As it turns out, Norm had answered that question already, back in November 1989. A reader was perplexed by Ephesians 1:11, where God “works all things according to the counsel of His will.” But what about those tragic deaths, the reader asked, when a believer is killed in a plane crash or dies of cancer. How can that be God’s will?

“We know that God is interested in every detail of our lives,” Norm wrote. “And the Christian who is committed to living for the Lord can entrust these details—even the ‘tragic’ ones—to the Heavenly Father. . . . We can know that God does (or allows) all things in His perfect wisdom and love when it comes to the believer in right relationship with Him.”

So the next morning his church gathered for Norm Olson’s last song, “Majestic Sweetness Sits Enthroned.” They sang every stanza, right to the end, and then it somehow it all made sense.

To Him I owe my life and breath,
And all the joys I have;
He makes me triumph over death
And saves me from the grave.

Norm Olson is survived by his wife of 36 years, Betsy Olson; four children, Lisa (Jonathan) Shafer, Seth (Kristina) Olson, Julianna (Matt) Smith, and Jeremy Olson; and four grandchildren. He is also survived by his mother and seven siblings. Norm’s brother Loren works as production manager for Regular Baptist Press. His son Seth also works at RBP, as a graphic designer.

Kevin Mungons is editorial manager of Moody Bible Institute’s communications department. As managing editor of the Baptist Bulletin (2007–2014), his office was next door to Norm’s. Melissa Meyer is assistant editor of the Baptist Bulletin. Regular Baptist Press colleagues Jonita Barram and Darrell Goemaat also contributed to this tribute.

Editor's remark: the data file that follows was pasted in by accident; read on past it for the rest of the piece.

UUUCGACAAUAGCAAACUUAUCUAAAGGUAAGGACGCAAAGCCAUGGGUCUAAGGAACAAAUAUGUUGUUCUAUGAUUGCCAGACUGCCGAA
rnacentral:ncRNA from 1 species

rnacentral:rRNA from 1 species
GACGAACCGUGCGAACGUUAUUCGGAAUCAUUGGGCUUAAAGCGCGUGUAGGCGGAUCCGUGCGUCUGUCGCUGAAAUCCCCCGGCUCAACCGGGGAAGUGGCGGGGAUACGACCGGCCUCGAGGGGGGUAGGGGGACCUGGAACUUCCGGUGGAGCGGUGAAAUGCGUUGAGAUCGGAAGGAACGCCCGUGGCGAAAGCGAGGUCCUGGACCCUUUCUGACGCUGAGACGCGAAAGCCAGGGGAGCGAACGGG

‘In quietness and confidence’

A tribute from John Greening, GARBC national representative

The wonderful promise found in Isaiah 30:15 has a similar dignity and reassurance to the popular British saying, “Stay calm and carry on.” Isaiah records God’s call to the rebellious house of Jacob: “In returning and rest you shall be saved; in quietness and confidence shall be your strength.” Those words, “quietness and confidence,” are a dramatic contrast to the frenetic pace and uncertainty of the culture that surrounds us.

The descriptors of quietness and confidence describe the godly manner that I observed in my colleague of many years, Norm Olson. His quietness of manner brought a settled and calming maturity to his communication, whether written or spoken. His love of books and libraries was exhibited by a twinkle in his eye and perhaps a chuckle when he discovered new information. In all of life, Norm manifested a confidence that had nothing to do with a cocky self-assurance, but rather with a deep resting in the foundation of the character and knowledge of his Lord and Savior Jesus Christ and the Word of God. I hold the memory of Norm in the highest regard. My sympathies are extended to his wife, Betsy, and their family.

  • Services will be held at Emmanuel Baptist Church of Warrenville (3S465 Briggs Ave., Naperville, IL), with visitation on Friday, May 26, from 4:00 p.m. until 8:00 p.m., and a funeral service on Saturday, May 27, at 10:00 a.m. The family requests that memorial gifts be directed to the Regular Baptist Press New Testament Exposition Commentary Project (3715 N. Ventura Dr., Arlington Heights, IL 60004), or to Christian Service Centers (PO Box 2374, San Antonio, TX 78298).